No, I’m not looking for people with lithe limbs to be photographed for money. Much more sexily, I’m referring to a recent paper (Pietak et al., 2013) that’s found that the relative length of the segments of human limbs can be modeled with a log-periodic function:
|Figure 2 from Pietak et al. 2013. Human within-limb proportions are such that the length of each segment (e.g., H1-6) of a limb, from fingertip to shoulder (A) and to to hip (B), can be predicted by a logarithmic periodic function (C).|
In other words, within a limb, the length of each segment is mathematically fairly predictable on the basis of the segment(s) before and after it. As the authors state, “Being able to describe human limb bone lengths in terms of a log-periodic function means that only one parameter, the wavelength λ, is needed to explain the proportional configuration of the limb.”
The biological significance of this pattern is difficult to discern. The length of a limb segment is determined by a number of factors, including the spacing between the initial limb condensations embryonically, and thereafter the growth rates and duration of growth at proximal and distal epiphyses. As a result, limb proportions aren’t static throughout life, but change from embryo to adult. For instance, here are limb proportion data for the coolest animal ever – gibbons! – from the great anatomist Adolph Schultz.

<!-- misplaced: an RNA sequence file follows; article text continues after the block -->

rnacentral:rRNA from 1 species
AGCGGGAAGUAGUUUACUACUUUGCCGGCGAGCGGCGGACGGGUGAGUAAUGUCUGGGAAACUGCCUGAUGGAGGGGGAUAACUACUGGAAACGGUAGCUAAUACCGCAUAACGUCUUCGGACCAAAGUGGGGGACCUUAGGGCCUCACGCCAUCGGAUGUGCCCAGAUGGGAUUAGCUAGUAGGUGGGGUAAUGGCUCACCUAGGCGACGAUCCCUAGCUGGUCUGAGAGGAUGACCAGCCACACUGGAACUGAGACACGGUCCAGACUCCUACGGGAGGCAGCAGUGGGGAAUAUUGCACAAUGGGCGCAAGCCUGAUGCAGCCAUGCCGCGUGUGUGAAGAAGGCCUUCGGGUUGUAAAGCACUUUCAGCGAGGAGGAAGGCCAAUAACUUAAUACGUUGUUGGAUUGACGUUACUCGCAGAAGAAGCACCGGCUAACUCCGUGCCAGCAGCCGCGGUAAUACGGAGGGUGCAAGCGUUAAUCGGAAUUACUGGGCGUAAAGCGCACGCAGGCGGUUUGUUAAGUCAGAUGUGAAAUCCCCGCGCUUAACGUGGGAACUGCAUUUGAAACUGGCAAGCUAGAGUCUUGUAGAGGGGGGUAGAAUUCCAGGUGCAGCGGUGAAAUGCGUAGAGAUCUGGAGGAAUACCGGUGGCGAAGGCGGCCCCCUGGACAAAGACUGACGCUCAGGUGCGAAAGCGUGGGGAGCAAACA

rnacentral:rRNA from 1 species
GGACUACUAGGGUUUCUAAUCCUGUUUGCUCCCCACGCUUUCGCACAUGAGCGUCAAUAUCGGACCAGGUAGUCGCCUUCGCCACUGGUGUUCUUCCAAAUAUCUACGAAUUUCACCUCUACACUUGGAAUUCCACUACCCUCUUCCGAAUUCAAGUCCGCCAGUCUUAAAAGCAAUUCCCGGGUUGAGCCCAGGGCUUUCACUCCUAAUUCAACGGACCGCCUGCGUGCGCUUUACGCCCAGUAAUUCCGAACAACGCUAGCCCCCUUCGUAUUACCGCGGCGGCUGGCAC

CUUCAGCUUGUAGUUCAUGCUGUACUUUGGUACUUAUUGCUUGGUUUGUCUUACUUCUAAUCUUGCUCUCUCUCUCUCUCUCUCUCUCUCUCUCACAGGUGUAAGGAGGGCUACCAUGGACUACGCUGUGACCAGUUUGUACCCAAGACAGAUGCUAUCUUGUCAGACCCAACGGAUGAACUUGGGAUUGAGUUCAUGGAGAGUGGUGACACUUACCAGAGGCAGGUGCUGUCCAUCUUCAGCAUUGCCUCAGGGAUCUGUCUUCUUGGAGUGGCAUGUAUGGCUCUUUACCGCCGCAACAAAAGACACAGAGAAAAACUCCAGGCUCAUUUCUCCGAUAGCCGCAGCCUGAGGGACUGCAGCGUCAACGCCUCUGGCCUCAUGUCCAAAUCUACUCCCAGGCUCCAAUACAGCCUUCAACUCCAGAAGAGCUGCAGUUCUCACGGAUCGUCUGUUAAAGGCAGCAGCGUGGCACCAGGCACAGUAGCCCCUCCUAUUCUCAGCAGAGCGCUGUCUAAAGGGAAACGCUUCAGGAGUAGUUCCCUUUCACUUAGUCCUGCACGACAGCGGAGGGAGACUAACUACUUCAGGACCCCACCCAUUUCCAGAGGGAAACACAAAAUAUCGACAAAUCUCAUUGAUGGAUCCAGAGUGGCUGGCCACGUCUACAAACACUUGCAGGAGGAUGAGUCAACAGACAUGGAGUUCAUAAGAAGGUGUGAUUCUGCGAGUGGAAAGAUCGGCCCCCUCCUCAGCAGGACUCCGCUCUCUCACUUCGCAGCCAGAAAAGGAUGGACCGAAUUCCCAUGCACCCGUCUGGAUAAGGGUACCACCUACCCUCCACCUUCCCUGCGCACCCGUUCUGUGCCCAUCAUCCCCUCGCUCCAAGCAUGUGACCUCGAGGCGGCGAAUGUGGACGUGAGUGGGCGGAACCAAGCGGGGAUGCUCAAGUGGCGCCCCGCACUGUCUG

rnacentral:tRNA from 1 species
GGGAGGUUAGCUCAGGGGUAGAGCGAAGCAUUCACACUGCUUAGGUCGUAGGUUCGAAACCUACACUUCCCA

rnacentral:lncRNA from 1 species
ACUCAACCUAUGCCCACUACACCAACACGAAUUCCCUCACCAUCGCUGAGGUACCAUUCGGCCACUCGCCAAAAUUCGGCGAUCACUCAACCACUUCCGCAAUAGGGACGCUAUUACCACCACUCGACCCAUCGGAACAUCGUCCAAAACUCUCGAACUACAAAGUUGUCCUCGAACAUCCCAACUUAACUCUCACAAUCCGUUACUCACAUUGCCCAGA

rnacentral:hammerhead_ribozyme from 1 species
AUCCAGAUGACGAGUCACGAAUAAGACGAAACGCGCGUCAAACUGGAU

An important question, and follow-up to Pietak et al’s study, is whether human limb proportions can be described by such log-periodic functions throughout ontogeny, and if so how these change. Plus, it’s also not clear to what extent human proportions might happen to be describable by log periodic functions, simply because each segment is shorter than the one preceding it proximally. In short, this study raises really interesting and pursuable questions about how and why animal limbs grow to the size and proportions that they do.
Pietak A, Ma S, Beck CW, & Stringer MD (2013). Fundamental ratios and logarithmic periodicity in human limb bones. Journal of anatomy, 222 (5), 526-37 PMID: 23521756
Schultz, A. (1944). Age changes and variability in gibbons. A Morphological study on a population sample of a man-like ape American Journal of Physical Anthropology, 2 (1), 1-129 DOI: 10.1002/ajpa.1330020102